Meanwhile, could we hear of any Democratic administration in recent memory that faced a challenge the size of Katrina and how they dealt with it? Please tell us how much time Bill Clinton trying to build stronger levees for New Orleans.

Remember the people of Louisiana, with Katrina still a recent memory, elected on of the most dynamic and conservative Republican governors in America. Those closest to this tragedy don't seem to hold the Republican party responsible for it.

Why does TTF?

You tell me.

August 31, 2008 2:19 PM  
Anonymous Anonymous said...

In contrast to the Democrats, McCain is projecting leadership:

""I pledge that tomorrow night and if necessary throughout our convention, we will act as Americans and not as Republicans because America needs us now," McCain said Sunday.

McCain, his wife Cindy, and his running mate, Alaska Gov. Sarah Palin, toured the emergency management center in Mississippi, a state that could be hit hard by the approaching hurricane.
"No matter what we are — Republican or Democratic — America needs us to do what all Americans have always done in times of disaster and challenge," McCain told reporters.

Party leaders were considering shortening the big four-day event as Gustav approached the Gulf Coast with potentially deadly strength.

The McCain campaign was chartering a DC-9 jetliner from St. Paul for any delegates from Louisiana and Mississippi who want to return home.

The White House said President Bush and Vice President Dick Cheney will skip the Republican National Convention because of mounting concerns about Gustav.
His Homeland Security chief warned that Gustav could prove more challenging than Katrina and the nation's disaster response coordinator worried about New Orlean's fragile levees

Earlier, McCain said in an interview taped on Saturday and aired Sunday on Fox News Sunday that he had conferred by phone with Mississippi Gov. Haley Barbour Barbour as well as Govs. Bobby Jindal of Louisiana, Bob Riley of Alabama and Charlie Crist of Florida.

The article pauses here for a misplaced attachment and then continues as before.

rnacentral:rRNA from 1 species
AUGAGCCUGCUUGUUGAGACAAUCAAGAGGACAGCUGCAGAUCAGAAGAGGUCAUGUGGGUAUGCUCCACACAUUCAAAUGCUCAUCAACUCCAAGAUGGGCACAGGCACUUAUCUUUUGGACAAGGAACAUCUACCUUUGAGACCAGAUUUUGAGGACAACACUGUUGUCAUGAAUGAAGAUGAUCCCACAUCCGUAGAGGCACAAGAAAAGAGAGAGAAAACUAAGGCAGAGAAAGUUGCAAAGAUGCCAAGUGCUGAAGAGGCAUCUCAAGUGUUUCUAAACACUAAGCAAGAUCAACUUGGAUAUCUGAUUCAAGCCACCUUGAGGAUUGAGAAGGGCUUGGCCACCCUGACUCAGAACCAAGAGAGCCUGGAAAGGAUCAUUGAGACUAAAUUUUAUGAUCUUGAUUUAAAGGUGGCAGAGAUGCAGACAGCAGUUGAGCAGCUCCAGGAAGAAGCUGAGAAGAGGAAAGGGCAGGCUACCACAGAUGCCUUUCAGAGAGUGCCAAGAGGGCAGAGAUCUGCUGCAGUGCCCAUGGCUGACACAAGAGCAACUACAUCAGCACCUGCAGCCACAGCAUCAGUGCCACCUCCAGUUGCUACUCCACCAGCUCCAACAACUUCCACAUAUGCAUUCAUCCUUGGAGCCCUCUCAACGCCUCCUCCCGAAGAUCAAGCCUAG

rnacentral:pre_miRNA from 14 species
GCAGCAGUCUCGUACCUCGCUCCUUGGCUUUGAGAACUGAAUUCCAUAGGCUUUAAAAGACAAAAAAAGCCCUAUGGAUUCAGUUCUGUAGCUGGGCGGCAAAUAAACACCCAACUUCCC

"I've been talking to all of them," McCain said. He said the approaching storm had already put a cloud over the convention.
"It just wouldn't be appropriate to have a festive occasion while a near tragedy or a terrible challenge is presented in the form of a natural disaster," McCain said. Still, he said, "I think that we are far, far better prepared than we were the last time.""

August 31, 2008 2:41 PM  
Anonymous Anonymous said...

You can try to spin it all you want, Sybil. We all remember that Bush attended a couple of GOP fundraisers and wished McSame a happy 70th birthday while 1700 Gulf Coast residents drowned as Hurricane Katrina hit US soil.

August 31, 2008 3:28 PM  
Anonymous Anonymous said...

Don't need to spin anything.

McCain's handling this perfectly and Americans are watching fools like Chris Dodd get on TV and try to exploit a coming catastrophe for political purposes.

America is watching, CBTS.

August 31, 2008 7:28 PM  
Anonymous Anonymous said...

Talk about exploiting a disastrous event! The repugs. notoriously exploited 9/11 and have come close to destroying America as a result and now they want to appear as humane and caring when it comes to a natural disaster in the Gulf of Mexico region. Maybe if they pray hard enough, they can reverse the course of the storm and take credit for doing the supreme being's work! What hypocracy!!

August 31, 2008 11:28 PM  
Anonymous Anonymous said...

John McCain has long characterized Alaska’s so-called “Bridge To Nowhere” as an example of the sort of wasteful government spending that must be eliminated, suggesting that money designated for “a bridge in Alaska to an island with 50 people on it” could have been better spent elsewhere. And he has cast his new running mate, Alaska Gov. Sarah Palin, as a like-minded champion of fiscal restraint.

"I told Congress, thanks but no thanks on that bridge to nowhere,” Palin said Friday as she made her first appearance with McCain.

As it turns out, however, Palin did back the bridge during her campaign for governor. The Anchorage Daily News reports that “[t]he Alaska governor campaigned in 2006 on a build-the-bridge platform, telling Ketchikan residents she felt their pain when politicians called them ‘nowhere.’” Palin later designated money earmarked for the bridge to other projects.

September 01, 2008 9:45 AM  
Anonymous Anonymous said...